A woman in New York recently claimed on social media that she applied for a job listing for her current position after her company posted the same position at a significantly higher salary.
Kimberly Nguyen, a 25-year-old user experience (UX) writer, shared in her now-viral series of tweets that she stumbled upon the job posting on LinkedIn, which advertised a salary range that was “$32k-$90k more than they currently pay me.”
Nguyen said on Tuesday that she discovered the discrepancy due to a salary transparency law recently enacted in New York, which requires companies to include a pay range in their job postings. While the law was intended to promote pay equity, it has also exposed unequal pay policies, as in Nguyen’s case.
“My company just listed on LinkedIn a job posting for what I’m currently doing (so we’re hiring another UX writer) and now thanks to salary transparency laws, I see that they intend to pay this person $32k-$90k more than they currently pay me, so I applied,” she tweeted.
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Nguyen, a Vietnamese American poet and essayist who published her first poetry book in October last year, tweeted that she responded to the posting by applying for her own job.
In her tweets, Nguyen expressed frustration with her current employer’s performative “inclusion” efforts and a lack of resolution regarding her own underpayment.
“I have also been arguing for months about the pay inequity. I have told my managers multiple times that I know I’m being underpaid. I have gotten the runaround, and they know they can do this right now in a tough labor market,” she wrote.
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“I’ve got some audacity too so I posted the link in the group chat of all of us underpaid UX writers and now we’ve got an emergency meeting tomorrow to talk about it,” she continued.
The company then allegedly held an emergency meeting where she was told that the job listing was meant to be an internal posting.
“They’re saying it was an internal posting and wasn’t meant for anyone to apply to externally because public companies legally have to post jobs even if it’s an internal conversion…but that doesn’t solve the fact that someone internally is now still going to make $32k+ more???” she said.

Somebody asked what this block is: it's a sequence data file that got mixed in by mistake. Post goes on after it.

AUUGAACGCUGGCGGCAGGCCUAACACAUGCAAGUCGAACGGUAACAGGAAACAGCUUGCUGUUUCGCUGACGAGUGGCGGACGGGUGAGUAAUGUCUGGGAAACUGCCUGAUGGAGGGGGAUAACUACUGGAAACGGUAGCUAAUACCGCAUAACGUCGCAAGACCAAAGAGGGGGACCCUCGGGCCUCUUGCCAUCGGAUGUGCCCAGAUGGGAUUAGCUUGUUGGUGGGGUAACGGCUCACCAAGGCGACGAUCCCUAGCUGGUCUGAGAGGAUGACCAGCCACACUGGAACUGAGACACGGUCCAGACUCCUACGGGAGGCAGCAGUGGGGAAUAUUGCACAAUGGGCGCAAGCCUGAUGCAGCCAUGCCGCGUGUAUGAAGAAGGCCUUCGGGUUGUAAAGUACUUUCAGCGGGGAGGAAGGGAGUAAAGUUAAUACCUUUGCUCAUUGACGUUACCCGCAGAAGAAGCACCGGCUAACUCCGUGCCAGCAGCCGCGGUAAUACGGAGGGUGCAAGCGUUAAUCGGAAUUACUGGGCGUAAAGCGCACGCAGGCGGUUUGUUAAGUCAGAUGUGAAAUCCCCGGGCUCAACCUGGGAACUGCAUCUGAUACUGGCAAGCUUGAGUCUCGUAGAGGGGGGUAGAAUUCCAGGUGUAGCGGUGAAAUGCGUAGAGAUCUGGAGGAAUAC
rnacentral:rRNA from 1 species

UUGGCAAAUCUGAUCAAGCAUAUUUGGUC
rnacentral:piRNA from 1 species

However, instead of the company’s writers getting a raise, discussions on potential layoffs purportedly emerged, leading Nguyen to announce that she is now “looking for UX writing roles preferably remote.”
Nguyen’s initial tweet has received over 12.3 million views and 221,000 likes. Several Twitter users empathized with her and wrote about their own similar experiences by replying to her Twitter thread.
“I wish I’d thought of this. I inherited a line-managee in a re-org and learned they were paid substantially more than me,” one user wrote. “I was told they couldn’t adjust mid-year but they promised to sort it at bonus time. They did not fix it at bonus time.”
“Well done. More than 30 years ago I went through a similar situation as a female copy editor,” another user shared. “Lowest paid, highest performing on the news desk and the only female. Turned it into an almost successful union drive. Disgusting that companies keep pulling this crap.”
People have since been sending Nguyen job leads and supporting her other endeavors, such as her book “Here I Am Burn Me,” which became No. 1 in Asian American poetry on Amazon.
“Y’all have been selling me out everywhere: AWP, Amazon, my own website. I am so grateful to all of you supporting me through a really overwhelming time. I hope you love my poems as much as I loved writing them,” she tweeted to her supporters.
In an interview with Buzzfeed after her tweets went viral, Nguyen said she did not expect the attention they garnered.
“I was just venting, and I didn’t expect there to be such a reaction to my venting. People complain on the internet all the time and it doesn’t go viral. I’m honestly really overwhelmed by all the attention.”